• Provides information about risk
  • Consults employees on health and safety
  • Provides annual health and safety training
  • Provides access to a health and safety staff member

16% of all businesses questioned do not have any of the above in place. 

The data suggests that there is major room for improvement across the board. Without these facilities in place, SMEs are left open to risks that put both people and profit in danger. Public liability insurance supports businesses when faced with incidents that incur compensation claims.

Fortunately, it seems there is a wider understanding of the benefits of public liability insurance. In fact, 71% of SMEs have the relevant public liability policies in place, while 24% do not. Of those who do not, however, 67% don’t plan on investing in public liability in the next 12 months.

24% of SMEs don’t have public liability insurance and 67% don’t plan to invest


Risk mitigation: Sector breakdown

Similar to the pattern observed when discussing risk assessments, it’s clear that the more public-facing businesses are the most likely to have first aid facilities in place. For example, some of the industries that ‘scored’ the highest were:

  • Hospitality and events management (75%)
  • Engineering and manufacturing (68%)
  • Property and construction (62%)
  • Transport and logistics (61%) 
  • Retail (54%)

Interestingly, note how these numbers are lower compared to those who have risk assessments in place. Though you may argue that having the facilities to treat and manage injuries is a vital part of maintaining risk mitigation, and both public and employee wellbeing.

In comparison, when looking at those who have public liability insurance in place, which protects the financial assets of a company, the numbers are significantly higher. For example:

  • Accountancy, banking and finance (85%)
  • Property and construction (83%)
  • Hospitality and events management (82%)
  • Engineering and manufacturing (80%)
  • Transport and logistics (80%)

The impact associated with risk: Injuries and cost

With almost a quarter (24%) of businesses not having public liability in place, and just under half (48%) not providing access to first aid, there seems to be both opportunity and necessity for improvement in the uptake of relevant policies and procedures. In fact, Hiscox discovered that only 31% of small and medium-sized businesses identify health and safety as their highest priority.

This seems especially relevant when compared to the fact that public-facing SMEs are particularly susceptible to repercussions and damages in the face of incidents. Some 41% of businesses across all sectors had paid over £10,000 in compensation over the past year as a result of public injuries. And 33% paid an equal amount due to property damage or loss.

Overall, SMEs lost an average of £17,185 in the last 12 months due to costs accrued as a result of public injury. Of course, the larger the business and the bigger the customer and employee pool, the higher the risk of incidents and, therefore, claims. 

Yet there is more to risk mitigation than financial loss. Even lower-risk industries, posing few obvious dangers, can inadvertently cause injury to the public and employees.  And, while having public liability insurance helps to pay for compensation, the more vital thing is ensuring the correct risk mitigation procedures are in place to prevent damage and injury.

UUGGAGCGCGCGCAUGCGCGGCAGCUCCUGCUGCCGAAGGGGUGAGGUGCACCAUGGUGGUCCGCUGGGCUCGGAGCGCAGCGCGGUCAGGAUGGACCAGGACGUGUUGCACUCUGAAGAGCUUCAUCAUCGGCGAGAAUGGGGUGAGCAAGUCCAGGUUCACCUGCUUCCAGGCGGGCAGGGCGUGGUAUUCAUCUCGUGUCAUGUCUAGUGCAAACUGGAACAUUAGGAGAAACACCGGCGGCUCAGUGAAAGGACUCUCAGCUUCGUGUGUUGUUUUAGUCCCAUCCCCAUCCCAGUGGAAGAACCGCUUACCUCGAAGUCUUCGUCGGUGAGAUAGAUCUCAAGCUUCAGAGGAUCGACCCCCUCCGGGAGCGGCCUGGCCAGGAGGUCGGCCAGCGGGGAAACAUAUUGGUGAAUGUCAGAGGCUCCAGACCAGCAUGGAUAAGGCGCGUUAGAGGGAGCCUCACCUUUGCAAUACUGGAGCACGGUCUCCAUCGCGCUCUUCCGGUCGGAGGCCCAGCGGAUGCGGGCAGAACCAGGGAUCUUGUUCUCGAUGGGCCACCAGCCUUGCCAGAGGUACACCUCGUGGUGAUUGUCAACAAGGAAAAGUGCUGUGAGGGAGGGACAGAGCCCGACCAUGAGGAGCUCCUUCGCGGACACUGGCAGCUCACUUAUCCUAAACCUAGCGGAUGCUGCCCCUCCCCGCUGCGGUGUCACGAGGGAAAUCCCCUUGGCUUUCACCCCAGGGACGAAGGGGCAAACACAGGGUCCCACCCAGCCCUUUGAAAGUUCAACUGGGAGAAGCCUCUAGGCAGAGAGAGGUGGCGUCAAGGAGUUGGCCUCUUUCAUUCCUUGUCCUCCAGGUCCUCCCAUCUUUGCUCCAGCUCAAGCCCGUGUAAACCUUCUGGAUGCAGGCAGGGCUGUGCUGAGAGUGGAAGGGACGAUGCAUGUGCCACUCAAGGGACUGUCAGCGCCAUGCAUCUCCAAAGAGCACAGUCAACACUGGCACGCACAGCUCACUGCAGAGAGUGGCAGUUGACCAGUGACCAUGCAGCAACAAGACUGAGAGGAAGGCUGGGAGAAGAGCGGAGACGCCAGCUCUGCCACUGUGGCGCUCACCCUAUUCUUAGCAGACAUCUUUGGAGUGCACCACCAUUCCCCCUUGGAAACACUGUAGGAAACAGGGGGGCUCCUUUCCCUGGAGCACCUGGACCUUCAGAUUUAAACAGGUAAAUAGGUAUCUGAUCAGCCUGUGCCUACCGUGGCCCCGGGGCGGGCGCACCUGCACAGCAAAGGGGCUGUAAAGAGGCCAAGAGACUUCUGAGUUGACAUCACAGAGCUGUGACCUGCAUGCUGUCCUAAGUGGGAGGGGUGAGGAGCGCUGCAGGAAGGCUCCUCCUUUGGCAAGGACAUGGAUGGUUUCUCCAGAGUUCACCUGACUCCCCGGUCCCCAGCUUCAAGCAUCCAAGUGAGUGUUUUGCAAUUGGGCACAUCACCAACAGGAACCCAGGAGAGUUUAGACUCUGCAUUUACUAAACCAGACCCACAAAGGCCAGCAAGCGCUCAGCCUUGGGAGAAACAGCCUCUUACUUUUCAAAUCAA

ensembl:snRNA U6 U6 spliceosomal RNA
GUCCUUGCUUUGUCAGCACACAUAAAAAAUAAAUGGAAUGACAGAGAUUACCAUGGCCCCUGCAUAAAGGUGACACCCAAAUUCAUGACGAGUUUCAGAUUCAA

41% of businesses have paid over £10,000 in the last 12 months over public liability injuries]


What can we learn from the latest risk data?

From the above data, we can see that the number of SMEs that have public liability insurance in place is higher than the total who are taking actions to prepare for and mitigate risk.

This may seem like contradictory behaviour for small businesses, whose priority should be preventing risk in order to maintain assets and employee health. However, there may be reasoning for it.

Looking at the 31% who say health and safety is their business’ highest priority, it could be surmised that, for many SMEs, it is a higher priority to mitigate risks after an incident has occurred. 

The first step to achieving an adequate level of protection is creating a risk assessment policy, which is recommended by the HSE. From there, ensuring the right first aid facilities, information and training are in place to protect employees and customers is vital to risk mitigation. Finally, there is also the opportunity, whatever the sector, to implement public liability insurance to provide financial support in the event of a compensation claim.

As is the nature of any enterprise, whatever the size and sector, risks are always present. Whether they be risks to physical well-being, assets or information, a business has the power and responsibility to prepare and protect.

Building your risk readiness

Building the risk readiness of your business may involve a number of moving parts. Risk assessments, first aid, and a broader health and safety strategy are among the potential issues to consider.

Insurance might have a role to play too, with public liability and employers’ liability policies capable of handling legal expenses. Different tools and eLearning courses could also increase your focus on risk management.


  1. GOV.UK, "Business population estimates for the UK and regions 2022: statistical release".
  2. HSE, "Managing risks and risk assessment at work".
  3. HSE, "First aid".
Hiscox Experts

Hiscox insures over 400,000 businesses (based on the number of policies sold in 2022), has a Defaqto five-star rating and is the proud winner of the Feefo Platinum Service award (2020-2023), rated by real customers.